Indiana’s Perea and Jurkin Suspended Nine Games

Two of Indiana’s freshman men’s basketball players, Hanner Perea and Peter Jurkin, were suspended for nine games because of impermissible benefits provided by Mark Adams, who operates both A-HOPE, a foundation which brings basketball players over from Africa, and the Indiana Elite AAU team. The benefits would have been permissible but for Adam’s status as an Indiana booster, which rests on a slender reed:

In short, that case involves the provision of what would generally have been permissible expenses but for the provider’s donation of $185 to the IU Varsity Club between 1986 and 1992, rendering him forever a “booster” under NCAA rules, notwithstanding that the donations were minimal in nature and occurred over 20 years ago.

The reaction to the NCAA’s ruling, which has been almost universally negative, is based on the idea that benefits Adams provided should not become impermissible just because he donated a little bit of money a long time ago. But the flip side is also true. Had Adams or any other youth coach/international education foundation head not donated the money, allowing him to provide whatever benefits he wants and potentially steer kids to certain colleges is also not a good result.

The Perea and Jurkin cases illustrate why the third-party problem is virtually intractable for the NCAA. On the one hand, it is a real issue where people are establishing influence over prospects by worming their way into the prospects’ lives. On the other hand, in some cases they are the only ones providing basic essentials or educational opportunities for the athletes.

The challenge is to create a rule that does a decent enough job of distinguishing between the good people and the bad. But booster status, especially as it is currently defined, does little to help us separate the two.

Posted on by John Infante
This entry was posted in Headlines. Bookmark the permalink.

10 Responses to Indiana’s Perea and Jurkin Suspended Nine Games

  1. Chronic Hoosier says:

    How about the distinction between “booster” & “legal guardian”?

    • johninfante says:

      It’s a tough question for the NCAA because you don’t want to basically give boosters permission to start adopting or establishing legal guardianship over athletes, and thus be able to give them whatever they want. On the other hand, I don’t think anyone wants the NCAA to be trying to guess which legal guardians are legitimate and which are not. And that includes the NCAA.

      I certainly think that Adams’ legal guardianship of Perea played a part in the reduced repayment though, at least for him. But it still doesn’t answer the question of what to do about the benefits received before that.

      • ronke a says:

        I honestly don’t think that creating a distinction between “boosters” and “legal guardians” will result in a huge number of boosters adopting or establishing legal guardianship over athletes.

  2. Scott Fischvogt says:

    Adams did not donate anything. His ex-wife did 20yrs ago for stickers for her car. Dig a little deeper and you may learn that he repeatedly requested the NCAA to provide him guidelines for the host families through A-HOPE. The declined saying they didn’t have a handle on that.

  3. stevetodd73 says:

    exactly! Adams became his legal gaurdian in 2011 didnt he?

  4. NCAA is a Joke says:

    This isn’t just a story about a guy helping kids by spending money out of his own pocket. He runs a charitable organization that brings kids over from third world countries and gives them a chance to earn a D1 scholarship. IU historically hasn’t even been a big beneficiary of this program- we’ve only had one other recruit from A-Hope and we were his only offer. Players recruited by IU ended up going to UNLV, MSU, Tennessee and UCLA.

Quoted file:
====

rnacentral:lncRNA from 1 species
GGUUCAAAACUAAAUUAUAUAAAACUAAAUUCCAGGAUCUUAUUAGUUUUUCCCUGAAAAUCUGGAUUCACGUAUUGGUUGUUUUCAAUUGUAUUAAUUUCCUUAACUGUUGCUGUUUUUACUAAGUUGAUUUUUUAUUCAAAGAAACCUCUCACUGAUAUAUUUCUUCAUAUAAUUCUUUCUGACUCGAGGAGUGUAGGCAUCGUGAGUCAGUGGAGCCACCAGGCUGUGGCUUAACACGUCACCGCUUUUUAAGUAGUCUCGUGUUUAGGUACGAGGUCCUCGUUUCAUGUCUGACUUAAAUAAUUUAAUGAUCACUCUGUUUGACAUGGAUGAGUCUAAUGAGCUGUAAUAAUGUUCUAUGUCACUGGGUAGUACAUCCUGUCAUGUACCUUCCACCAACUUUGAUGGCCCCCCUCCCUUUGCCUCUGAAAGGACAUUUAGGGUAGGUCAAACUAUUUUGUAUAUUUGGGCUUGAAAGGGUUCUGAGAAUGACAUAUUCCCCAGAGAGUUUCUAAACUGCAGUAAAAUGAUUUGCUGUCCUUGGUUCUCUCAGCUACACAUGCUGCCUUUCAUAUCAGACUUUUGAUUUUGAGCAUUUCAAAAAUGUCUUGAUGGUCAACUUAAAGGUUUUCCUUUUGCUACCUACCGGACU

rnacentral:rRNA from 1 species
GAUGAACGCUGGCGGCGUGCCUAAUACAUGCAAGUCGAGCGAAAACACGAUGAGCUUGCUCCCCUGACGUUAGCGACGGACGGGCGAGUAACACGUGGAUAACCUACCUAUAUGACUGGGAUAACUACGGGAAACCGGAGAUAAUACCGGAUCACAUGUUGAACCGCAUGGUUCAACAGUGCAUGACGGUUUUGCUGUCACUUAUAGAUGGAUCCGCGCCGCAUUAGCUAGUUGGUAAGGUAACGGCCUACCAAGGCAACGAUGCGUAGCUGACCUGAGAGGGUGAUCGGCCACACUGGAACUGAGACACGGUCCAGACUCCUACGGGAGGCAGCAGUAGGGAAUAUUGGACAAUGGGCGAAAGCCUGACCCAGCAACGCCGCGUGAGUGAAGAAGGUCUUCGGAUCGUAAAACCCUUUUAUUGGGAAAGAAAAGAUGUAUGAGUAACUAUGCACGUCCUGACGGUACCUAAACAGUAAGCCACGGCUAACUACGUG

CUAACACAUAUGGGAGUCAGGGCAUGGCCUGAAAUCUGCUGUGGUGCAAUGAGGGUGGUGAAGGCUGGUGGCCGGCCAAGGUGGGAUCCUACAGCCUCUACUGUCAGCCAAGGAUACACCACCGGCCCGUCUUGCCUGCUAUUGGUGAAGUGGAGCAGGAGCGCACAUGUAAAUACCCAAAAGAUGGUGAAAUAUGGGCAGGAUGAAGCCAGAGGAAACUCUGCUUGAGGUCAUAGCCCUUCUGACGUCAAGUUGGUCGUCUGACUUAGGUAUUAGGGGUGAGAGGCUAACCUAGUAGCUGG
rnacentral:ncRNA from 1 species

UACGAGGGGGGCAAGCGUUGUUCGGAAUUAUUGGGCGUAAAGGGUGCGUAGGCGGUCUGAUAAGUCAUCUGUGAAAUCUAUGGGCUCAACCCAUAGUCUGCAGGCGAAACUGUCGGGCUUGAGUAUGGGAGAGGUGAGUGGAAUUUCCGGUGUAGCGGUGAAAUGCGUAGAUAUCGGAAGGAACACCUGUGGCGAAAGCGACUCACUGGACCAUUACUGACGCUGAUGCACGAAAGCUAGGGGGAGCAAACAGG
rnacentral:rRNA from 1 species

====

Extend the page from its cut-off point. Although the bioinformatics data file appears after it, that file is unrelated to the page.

NONE of these expenses were given outside of the charitable organization. If this were some ad-hoc organization established solely to bring recruits to IU then it would be acause for suspicion. There’s no evidence of that whatsoever- it’s been around since 2004.

  5. B-town88 says:

    Rediculous! What amounts to dollar wise as a couple cups of coffee a year, by his ex-wife, is punished beyond explanation. Yet “donations” in the form of “services” by World Wide Wes go ignored. You can’t explain “behind the bench seats at NCAA final basketball games” as he is “just a friend”. REALLY?

  6. Calbert says:

    Hey John I heard you on “Podcast on the brink”, very good stuff. Everybody should check that out. I heard what you said on the appeal and it sounded a little promising, but I wanted to get your prediction on what they might do with the appeal. Or what percentage would you say they had of not changing the suspension, decreasing the games suspended, or lifting all suspended games?

  7. Josh Roberts says:

    It’s been goin on for years.Indiana elite kids have been getting extra benefits for committing to iu for many years.They tried with Deandre Liggins,and when he signed with UK they took away the cell phone and laptop that were givin to him.Every school breaks the rules and the ncaa picks and chooses who to punish and when.Look at duke,uconn,and n.carolina.uconn had to get caught multiple times before anything was done,and duke has been caught numerous times and nothing ever happens to them,unc has phoney classes for kids to take and they don’t get punished.

  8. Cat Lover says:

    At least they get to play and can pay back the money that was given to them but Enes Kanter while at UK never got that option, he was suspended for the whole year. Only happened twice in the NCAA and both times at UK!!!!! Kind of funny that other teams are treated different. GO UK CATS!!!

Leave a Comment